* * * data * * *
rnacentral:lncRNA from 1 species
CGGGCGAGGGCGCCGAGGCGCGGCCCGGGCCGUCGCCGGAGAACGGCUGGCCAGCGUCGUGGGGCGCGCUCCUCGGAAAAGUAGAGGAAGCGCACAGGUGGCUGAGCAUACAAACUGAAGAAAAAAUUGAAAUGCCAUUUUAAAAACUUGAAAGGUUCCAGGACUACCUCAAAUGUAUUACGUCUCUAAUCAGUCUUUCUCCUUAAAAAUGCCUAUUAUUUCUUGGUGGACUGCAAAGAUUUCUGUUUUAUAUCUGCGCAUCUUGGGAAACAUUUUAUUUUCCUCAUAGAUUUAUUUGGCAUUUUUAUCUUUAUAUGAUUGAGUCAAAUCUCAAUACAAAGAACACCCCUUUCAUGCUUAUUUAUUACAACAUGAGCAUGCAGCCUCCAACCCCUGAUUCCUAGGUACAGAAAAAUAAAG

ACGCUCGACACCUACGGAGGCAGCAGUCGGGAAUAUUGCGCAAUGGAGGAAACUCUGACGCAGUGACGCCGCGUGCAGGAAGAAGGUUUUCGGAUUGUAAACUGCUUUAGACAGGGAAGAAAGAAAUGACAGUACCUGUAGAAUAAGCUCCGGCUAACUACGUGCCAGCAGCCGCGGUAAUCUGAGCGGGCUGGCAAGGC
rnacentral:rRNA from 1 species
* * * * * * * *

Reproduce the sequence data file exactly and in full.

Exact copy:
rnacentral:lncRNA from 1 species
CGGGCGAGGGCGCCGAGGCGCGGCCCGGGCCGUCGCCGGAGAACGGCUGGCCAGCGUCGUGGGGCGCGCUCCUCGGAAAAGUAGAGGAAGCGCACAGGUGGCUGAGCAUACAAACUGAAGAAAAAAUUGAAAUGCCAUUUUAAAAACUUGAAAGGUUCCAGGACUACCUCAAAUGUAUUACGUCUCUAAUCAGUCUUUCUCCUUAAAAAUGCCUAUUAUUUCUUGGUGGACUGCAAAGAUUUCUGUUUUAUAUCUGCGCAUCUUGGGAAACAUUUUAUUUUCCUCAUAGAUUUAUUUGGCAUUUUUAUCUUUAUAUGAUUGAGUCAAAUCUCAAUACAAAGAACACCCCUUUCAUGCUUAUUUAUUACAACAUGAGCAUGCAGCCUCCAACCCCUGAUUCCUAGGUACAGAAAAAUAAAG

ACGCUCGACACCUACGGAGGCAGCAGUCGGGAAUAUUGCGCAAUGGAGGAAACUCUGACGCAGUGACGCCGCGUGCAGGAAGAAGGUUUUCGGAUUGUAAACUGCUUUAGACAGGGAAGAAAGAAAUGACAGUACCUGUAGAAUAAGCUCCGGCUAACUACGUGCCAGCAGCCGCGGUAAUCUGAGCGGGCUGGCAAGGC
rnacentral:rRNA from 1 species